Danuel House also wasn’t thrilled with his role in Houston’s offense and how he was used, according to Iko, Amick, and Charania, who say that the young forward “verbally challenged” Westbrook, Harden, and D’Antoni. Additionally, Austin Rivers were unhappy with inconsistent playing time and his usage, per The Athletic. Following one game when D’Antoni was about to sub in Rivers before changing his mind and inserting DeMarre Carroll instead, Rivers went on an “expletive-laden tirade.”

Many of those frustrations can be traced back to a lack of accountability, sources tell The Athletic. According to Iko, Amick, and Charania, during one team meeting following a January loss, Westbrook went around the room and gave suggestions about what each player could do to help reverse the team’s slide — Harden wasn’t as receptive to to criticism as other Rockets players, per The Athletic’s sources.

Concerns about the Rockets’ culture date back past the 2019/20 season, as there’s a belief the team has catered too much to its stars. When Trevor Ariza left the club in 2018, he wanted to join an organization that would give him more respect, according to The Athletic. When Houston later expressed interest in bringing back Ariza, he sought an apology that he never received, sources tell Iko, Amick, and Charania. There have also been some complaints over the years from Rockets players about the team’s style of play and its unwillingness to make adjustments.

Here’s more on the Rockets:

  • P.J. Tucker has been “irate” all season long about his contract situation, believing he’s extremely underpaid relative to his role and production, according to Iko, Amick, and Charania. Tucker feels as though he deserves a raise and has been upset by the Rockets’ unwillingness to sign him to an extension, per The Athletic.
  • D’Antoni’s and Daryl Morey‘s departures after the 2019/20 season have played a large part in creating doubt in Harden’s and Westbrook’s minds about the Rockets’ ability to sustain long-term success, according to Iko, Amick, and Charania. While both stars have had input on decisions and support the hiring of new head coach Stephen Silas, they’re concerned about the possibility of an eventual rebuild, which they’d have no interest in.
  • Retaining veteran assistant John Lucas in a key role on Silas’ staff was meant to send a “clear message” to Westbrook and Harden that Houston remains committed to contending, according to The Athletic’s report.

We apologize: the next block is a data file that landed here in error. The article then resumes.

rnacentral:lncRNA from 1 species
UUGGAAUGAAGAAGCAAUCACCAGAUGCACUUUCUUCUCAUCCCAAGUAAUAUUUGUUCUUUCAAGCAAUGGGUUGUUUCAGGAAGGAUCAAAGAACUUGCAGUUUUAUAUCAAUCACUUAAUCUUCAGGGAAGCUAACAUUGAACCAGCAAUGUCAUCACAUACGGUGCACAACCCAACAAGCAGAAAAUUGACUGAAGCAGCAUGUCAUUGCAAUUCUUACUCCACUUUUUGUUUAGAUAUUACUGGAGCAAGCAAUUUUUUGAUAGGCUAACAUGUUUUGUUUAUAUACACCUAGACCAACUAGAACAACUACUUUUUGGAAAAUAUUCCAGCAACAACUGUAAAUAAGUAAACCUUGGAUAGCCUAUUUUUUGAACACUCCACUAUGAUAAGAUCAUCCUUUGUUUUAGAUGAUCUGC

• Appearing on The Ringer’s Real Ones podcast earlier this week, Austin Rivers strongly suggested that he intends to turn down his 2020/21 player option, which is worth the veteran’s minimum. “That’s something I’m going through right now with my agent,” Rivers said. “I definitely want to probably be out there on the market and just see what else is out there. But I love Houston; Houston’s still one of my main options. That’s a team I loved playing for. But there’s other teams out there that you want to look at. You owe it to yourself to at least see the best situation for yourself.”
  • In Thursday’s episode of Brian Windhorst’s Hoop Collective podcast, ESPN’s Tim MacMahon said Serge Ibaka will be high on the Rockets’ list of free agent targets this offseason, though he may be out of the club’s price range.

And-Ones: Option Decisions, Avdija, Draft, Onuaku

With the NBA season over and 2020’s free agent period approaching (eventually), John Hollinger of The Athletic takes a look at all 43 team and player option decisions that must be made this fall, evaluating which options are likely to be exercised and which will be turned down.

While Anthony Davis and Jerami Grant are viewed as the only locks to decline their respective player options this offseason, Hollinger identifies seven more players who he thinks will opt for free agency: Kentavious Caldwell-Pope, Rajon Rondo, JaVale McGee, Wesley Matthews, Austin Rivers, Willie Cauley-Stein, and James Ennis.

With the exception of Caldwell-Pope, McGee, and Cauley-Stein – who is technically earning slightly above the minimum – those players are all on minimum-salary deals, so it won’t be a surprise if they explore the open market, even if they have to settle for another minimum contract. However, KCP’s case should be interesting — his $8.49MM option for 2020/21 is close to mid-level territory, but he could still probably do better after an impressive showing in the NBA Finals.